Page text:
Why they say no to ETFs

Awareness of exchange traded funds is very low in India and mostly limited to gold ETFs. There are also other reasons why they aren’t tempted, say investors to Lokeshwarri S K

Exchange Traded Funds, which are very popular in developed markets, have not really taken off in Indian markets. Sample this: there are 1,577 ETFs traded on the NYSE, 1,109 listed on Deutsche Börse and 2,315 ETFs on London SE group towards the end of December 2015, according to World Federation of Exchanges. But the National Stock Exchange trades just 54 ETFs.

Exchange Traded Funds (ETFs), as their name denotes, are mutual funds that are traded on stock exchanges and bought and sold like stocks. They mostly track an underlying index and are passive investment tools, that is, the fund manager has no role to play in ETFs. The expense ratio is, therefore, much lower in ETFs.

The ETFs listed on Indian exchanges are typically based on equity indices (local or international), gold or debt. Unfortunately, awareness of ETFs in India is very low and mostly limited to gold ETFs. The asset size of ETFs is, therefore, very small — about 2.5 per cent of the size of the entire mutual fund industry.

Of the ETFs listed and traded in India, gold ETFs account for almost half the assets. So, what do investors think about these products?

Their view on ETFs

Balamurali Radhakrishnan, an economist and financial analyst from Bengaluru, strongly believes that ETFs have an edge over actively managed funds. “If I want to invest in an actively managed fund, I will have to carry out thorough due diligence in order to choose a fund that has consistently performed well and to assess the return it has delivered,” he explains. “When it comes to investing in an ETF, all I need to know is which direction the economy is moving in. If the economy is in recovery mode, I will put my money in index ETFs, and consider exiting the positions in case of the exact opposite scenario. I don’t need to spend a lot of time studying the performance of fund houses.” 

Adarsh Kulkarni, an independent financial analyst from Hyderabad, thinks that a part of one’s portfolio should definitely be allocated to ETFs. Adarsh, who earlier worked with Franklin Templeton in the NAV analysis division, thinks that the most important point in favour of ETFs is their lower expense ratios.

Basavaraj Tonagatti, a Certified Financial Planner and an active personal finance blogger, thinks that the lack of choices in the Indian ETF array is a restricting factor.  “Investors who are looking for low-cost equity investing which replicates the Index like Nifty, may definitely consider ETFs. But those who want a well-diversified portfolio may stay away from ETFs due to lack of options in ETFs,” he says.

The global experience

The Indian mutual fund industry and Indian stock markets are in the growth phase over the last quarter century or more and it has been easy for fund managers to outperform the indices. But as markets mature, it will be difficult for funds to do better than the indices and passive investing or index tracking is a good way to invest. ETFs are, therefore, products of the future.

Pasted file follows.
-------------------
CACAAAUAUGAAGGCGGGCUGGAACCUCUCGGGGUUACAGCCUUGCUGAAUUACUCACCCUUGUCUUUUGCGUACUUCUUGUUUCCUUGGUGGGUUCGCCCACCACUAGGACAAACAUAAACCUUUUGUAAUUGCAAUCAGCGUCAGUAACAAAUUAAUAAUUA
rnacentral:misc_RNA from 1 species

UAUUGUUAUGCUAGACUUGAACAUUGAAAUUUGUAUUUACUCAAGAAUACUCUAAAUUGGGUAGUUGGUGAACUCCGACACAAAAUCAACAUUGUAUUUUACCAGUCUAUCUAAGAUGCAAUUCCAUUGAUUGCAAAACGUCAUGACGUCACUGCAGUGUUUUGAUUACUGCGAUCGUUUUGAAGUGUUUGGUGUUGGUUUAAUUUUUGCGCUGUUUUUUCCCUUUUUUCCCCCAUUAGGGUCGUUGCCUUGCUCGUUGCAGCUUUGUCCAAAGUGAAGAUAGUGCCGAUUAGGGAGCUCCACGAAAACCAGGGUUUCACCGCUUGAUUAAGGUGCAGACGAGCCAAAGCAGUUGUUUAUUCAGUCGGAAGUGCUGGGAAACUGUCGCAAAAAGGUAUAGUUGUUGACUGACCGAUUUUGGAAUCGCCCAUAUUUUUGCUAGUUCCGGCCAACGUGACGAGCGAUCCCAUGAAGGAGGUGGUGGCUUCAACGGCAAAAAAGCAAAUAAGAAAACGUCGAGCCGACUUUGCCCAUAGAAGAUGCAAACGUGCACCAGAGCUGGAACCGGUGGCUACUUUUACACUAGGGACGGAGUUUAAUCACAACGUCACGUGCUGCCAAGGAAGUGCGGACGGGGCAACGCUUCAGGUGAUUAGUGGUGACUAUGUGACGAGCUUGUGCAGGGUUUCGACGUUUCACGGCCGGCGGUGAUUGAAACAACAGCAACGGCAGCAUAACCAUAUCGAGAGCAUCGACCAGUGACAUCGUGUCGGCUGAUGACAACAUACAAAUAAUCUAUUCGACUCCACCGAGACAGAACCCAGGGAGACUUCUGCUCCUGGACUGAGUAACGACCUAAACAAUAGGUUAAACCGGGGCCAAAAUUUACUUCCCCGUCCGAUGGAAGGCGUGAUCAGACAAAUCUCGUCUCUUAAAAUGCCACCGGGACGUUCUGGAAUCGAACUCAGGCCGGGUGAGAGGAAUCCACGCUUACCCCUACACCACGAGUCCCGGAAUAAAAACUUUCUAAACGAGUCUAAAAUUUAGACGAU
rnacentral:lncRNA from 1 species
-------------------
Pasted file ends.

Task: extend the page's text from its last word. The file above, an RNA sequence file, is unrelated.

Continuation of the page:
The NSE states on its website that in the US, in the last 20 years, an estimated 65-80 per cent of fund managers have under-performed the S&P 500. Long-term investors who wish to invest only in large-cap stocks might be better off investing in ETFs as expense ratios are far lower.

So, what’s stopping the ETF market from growing in India?

The drawbacks

The most important reason why ETFs are not popular is because mutual funds do not make any special effort to market them. Distributors also do not peddle them aggressively since they seldom get commission on selling ETFs. In the US, ETFs grew in popularity once commission on mutual fund distribution was removed and distributors’ earnings were made fee-based. The differential commission structure between ETFs and mutual funds is the most important reason for the lower marketing and awareness.

“Financial advisors play a critical role in helping ETFs reach investors. But to get them to sell ETF products, fund houses need to pay them well. That might not be a problem for actively managed funds but the passive fund sector struggles to do so, especially as it is a low-margin business,” says Balamurali.

Two, since demand is low, fund houses have not launched new products. “Lack of options makes it difficult for investors to diversify their portfolio,” says Basavaraj. Investors can now take exposure to only a few indices, such as Nifty, Sensex, Bank index or Junior Nifty. But this can change if other strategic and thematic indices launched by the BSE and the NSE are used to issue ETFs.

Some feel that while demat accounts are not mandatory for mutual funds, ETFs need both trading account and demat account. This is a deterrent for those who do not like to deal with stock markets. The extra cost of opening a demat account is also a drag, according to some investors.

“Another drawback is the lack of liquidity,” says Basavaraj. This not only makes buying and selling difficult, but can also distort pricing. The tracking error increases in this case, making the ETFs far away from their NAVs.

The preferred ETF

Of the limited options available, which ETFs do Indian investors buy? “Being a typical Indian, I want to have exposure to gold. So, I do invest in gold EFTs and occasionally index ETFs. But, going forward, I may divert a part of my incremental savings towards gold bonds, which also look quite attractive to me,” says Balamurali.

“I prefer Nifty index ETF to gold or banking because I prefer the diversification that Nifty provides. In addition, I try to avoid gold as an investment since gold has given a return akin to debt, but with the volatility of equity. So why take the risk?” asks Basavaraj.

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